Myth 2: You shouldn’t charge your phone overnight

It’s perfectly fine to charge your battery at night. It’s the best method to make sure you have a full battery so you can get through the day.

This myth has found its roots in the time when we had nickel-ion batteries in our phones; if you didn’t let the charge deplete completely, the part that wasn’t used would be forgotten about.

Today’s phones have smart power management thanks to the use of batteries that don’t suffer from memory loss. The phone will stop charging when it gets to 100 percent so you won’t have to worry about overcharging.

Myth 3: I shouldn’t use my phone while it’s charging

The risk of using your phone while it’s charging is low. Fears about batteries overheating are what led to this myth. If a manufacturing defect is present, Li-ion batteries can be dangerous, however, the chances are very slim. If your phone is warm while you’re charging, you should disconnect the charger.

Counterfeit chargers are an issue to consider. If you don’t use a manufacturer-approved cable, you could damage your phone. To charge your phone more effectively, you must buy authorized and branded chargers.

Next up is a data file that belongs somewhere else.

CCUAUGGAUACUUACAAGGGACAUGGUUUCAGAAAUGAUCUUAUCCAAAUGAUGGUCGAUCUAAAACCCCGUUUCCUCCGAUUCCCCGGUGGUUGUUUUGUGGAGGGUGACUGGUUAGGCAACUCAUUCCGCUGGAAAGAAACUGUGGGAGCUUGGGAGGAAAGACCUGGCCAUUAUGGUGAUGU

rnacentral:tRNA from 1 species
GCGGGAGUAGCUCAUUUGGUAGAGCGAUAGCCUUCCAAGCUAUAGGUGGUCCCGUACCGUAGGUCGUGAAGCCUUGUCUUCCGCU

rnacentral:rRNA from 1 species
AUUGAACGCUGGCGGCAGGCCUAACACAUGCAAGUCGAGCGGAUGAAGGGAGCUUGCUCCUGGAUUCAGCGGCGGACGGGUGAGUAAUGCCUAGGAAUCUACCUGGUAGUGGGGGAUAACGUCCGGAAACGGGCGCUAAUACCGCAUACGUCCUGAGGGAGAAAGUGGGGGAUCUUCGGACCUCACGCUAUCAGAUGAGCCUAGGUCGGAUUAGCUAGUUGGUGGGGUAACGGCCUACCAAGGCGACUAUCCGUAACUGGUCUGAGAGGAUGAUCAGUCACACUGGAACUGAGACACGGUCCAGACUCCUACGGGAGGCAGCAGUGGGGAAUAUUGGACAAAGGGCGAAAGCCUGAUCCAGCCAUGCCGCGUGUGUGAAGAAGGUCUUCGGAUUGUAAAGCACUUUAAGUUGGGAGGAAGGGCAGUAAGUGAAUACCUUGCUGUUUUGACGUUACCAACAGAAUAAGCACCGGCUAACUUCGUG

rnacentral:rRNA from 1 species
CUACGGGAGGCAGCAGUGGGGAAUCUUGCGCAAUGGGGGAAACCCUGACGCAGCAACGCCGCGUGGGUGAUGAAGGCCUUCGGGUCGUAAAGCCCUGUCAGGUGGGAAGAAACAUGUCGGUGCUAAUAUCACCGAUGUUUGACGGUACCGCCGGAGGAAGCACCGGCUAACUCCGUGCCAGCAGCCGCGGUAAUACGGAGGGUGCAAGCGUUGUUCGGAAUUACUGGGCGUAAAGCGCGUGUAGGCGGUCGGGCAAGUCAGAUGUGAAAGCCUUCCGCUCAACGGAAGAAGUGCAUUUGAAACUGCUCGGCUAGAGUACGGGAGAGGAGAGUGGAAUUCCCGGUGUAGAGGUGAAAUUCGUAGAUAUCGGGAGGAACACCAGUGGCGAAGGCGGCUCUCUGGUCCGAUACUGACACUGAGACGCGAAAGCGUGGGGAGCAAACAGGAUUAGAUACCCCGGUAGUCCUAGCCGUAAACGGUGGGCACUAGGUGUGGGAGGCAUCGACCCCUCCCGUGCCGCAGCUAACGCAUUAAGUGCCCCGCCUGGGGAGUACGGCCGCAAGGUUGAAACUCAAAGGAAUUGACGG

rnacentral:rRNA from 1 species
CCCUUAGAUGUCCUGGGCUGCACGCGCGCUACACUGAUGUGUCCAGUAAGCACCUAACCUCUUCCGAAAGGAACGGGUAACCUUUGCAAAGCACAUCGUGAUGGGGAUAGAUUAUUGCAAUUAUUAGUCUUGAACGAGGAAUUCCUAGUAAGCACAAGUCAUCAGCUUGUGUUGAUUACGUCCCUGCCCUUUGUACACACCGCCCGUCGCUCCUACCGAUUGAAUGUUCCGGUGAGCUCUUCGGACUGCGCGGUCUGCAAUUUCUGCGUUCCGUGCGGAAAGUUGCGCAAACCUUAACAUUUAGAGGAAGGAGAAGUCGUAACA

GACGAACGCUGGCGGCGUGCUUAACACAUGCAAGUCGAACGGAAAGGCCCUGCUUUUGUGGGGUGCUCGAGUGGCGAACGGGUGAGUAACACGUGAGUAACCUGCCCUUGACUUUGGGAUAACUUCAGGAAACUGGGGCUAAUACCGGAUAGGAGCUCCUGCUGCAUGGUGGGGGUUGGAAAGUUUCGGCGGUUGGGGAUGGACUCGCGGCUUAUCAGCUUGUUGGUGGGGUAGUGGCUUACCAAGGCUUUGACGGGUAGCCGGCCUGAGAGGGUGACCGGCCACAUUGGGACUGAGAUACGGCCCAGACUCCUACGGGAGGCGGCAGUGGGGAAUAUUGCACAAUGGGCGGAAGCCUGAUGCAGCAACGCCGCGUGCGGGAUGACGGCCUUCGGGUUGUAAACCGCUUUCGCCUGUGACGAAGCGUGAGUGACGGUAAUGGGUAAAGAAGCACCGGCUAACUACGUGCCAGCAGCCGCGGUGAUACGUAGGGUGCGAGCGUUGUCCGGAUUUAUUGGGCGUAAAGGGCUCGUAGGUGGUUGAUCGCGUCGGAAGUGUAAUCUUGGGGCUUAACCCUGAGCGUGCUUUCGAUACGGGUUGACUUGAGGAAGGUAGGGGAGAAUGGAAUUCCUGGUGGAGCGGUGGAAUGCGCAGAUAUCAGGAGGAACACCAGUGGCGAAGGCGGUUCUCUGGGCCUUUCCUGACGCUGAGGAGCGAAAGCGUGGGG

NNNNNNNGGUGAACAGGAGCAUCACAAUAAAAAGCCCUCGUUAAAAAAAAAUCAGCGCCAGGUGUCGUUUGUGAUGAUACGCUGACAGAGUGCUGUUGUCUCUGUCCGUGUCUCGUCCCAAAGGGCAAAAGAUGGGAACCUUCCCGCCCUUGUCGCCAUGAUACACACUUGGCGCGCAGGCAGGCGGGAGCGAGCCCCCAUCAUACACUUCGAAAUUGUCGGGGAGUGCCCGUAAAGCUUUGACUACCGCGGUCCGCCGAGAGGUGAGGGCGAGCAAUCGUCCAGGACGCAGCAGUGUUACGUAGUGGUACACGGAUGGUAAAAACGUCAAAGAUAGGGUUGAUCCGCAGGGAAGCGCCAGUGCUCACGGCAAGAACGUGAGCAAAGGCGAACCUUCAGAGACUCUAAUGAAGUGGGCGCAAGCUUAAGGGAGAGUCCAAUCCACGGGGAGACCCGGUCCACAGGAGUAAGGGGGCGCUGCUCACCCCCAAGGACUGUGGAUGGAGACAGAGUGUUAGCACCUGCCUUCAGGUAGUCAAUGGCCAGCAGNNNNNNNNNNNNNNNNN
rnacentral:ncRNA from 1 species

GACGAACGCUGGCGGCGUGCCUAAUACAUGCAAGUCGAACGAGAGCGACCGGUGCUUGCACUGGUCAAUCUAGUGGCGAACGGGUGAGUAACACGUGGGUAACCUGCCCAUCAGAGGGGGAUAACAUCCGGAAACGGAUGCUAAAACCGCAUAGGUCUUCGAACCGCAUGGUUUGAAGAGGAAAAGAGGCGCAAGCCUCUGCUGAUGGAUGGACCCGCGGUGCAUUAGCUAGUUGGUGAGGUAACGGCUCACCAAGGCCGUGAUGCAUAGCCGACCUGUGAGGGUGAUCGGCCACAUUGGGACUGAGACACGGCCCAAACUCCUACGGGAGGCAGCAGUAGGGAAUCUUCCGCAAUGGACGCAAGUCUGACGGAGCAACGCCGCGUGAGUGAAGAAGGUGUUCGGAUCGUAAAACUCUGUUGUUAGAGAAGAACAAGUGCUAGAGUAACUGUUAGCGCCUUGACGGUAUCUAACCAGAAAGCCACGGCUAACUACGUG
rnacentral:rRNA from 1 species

Tip: Your phone will charge at half the speed if the screen is on or if there are apps running in the background. Put your phone in airplane mode if you want it to charge quicker. It is always faster to use a wall plug to charge your phone than using your car or computer charger.

Myth 4: My battery will last forever if I charge it properly

We have to accept that our batteries need to be replaced as they are the weakest part of our phone and can only last for a short period of time without a charge. and have a limited lifespan.

If you still have enough life left, you may only be able to use 60 percent of your phone’s capacity, because the batteries lose their capacity when they’re old. If you find that your phone’s battery wears out too fast, consider replacing it to give it a longer lifespan.

Charging tip: Li-ion batteries don’t like being low or high. It is believed that keeping your phone’s battery to less than 80 percent most of the time is the best way to promote its longevity.

Myth 5: Killing apps saves power

This is not true, and it’s also bad advice. If you kill and restart apps, you are using more resources and power than if you keep the app in the background.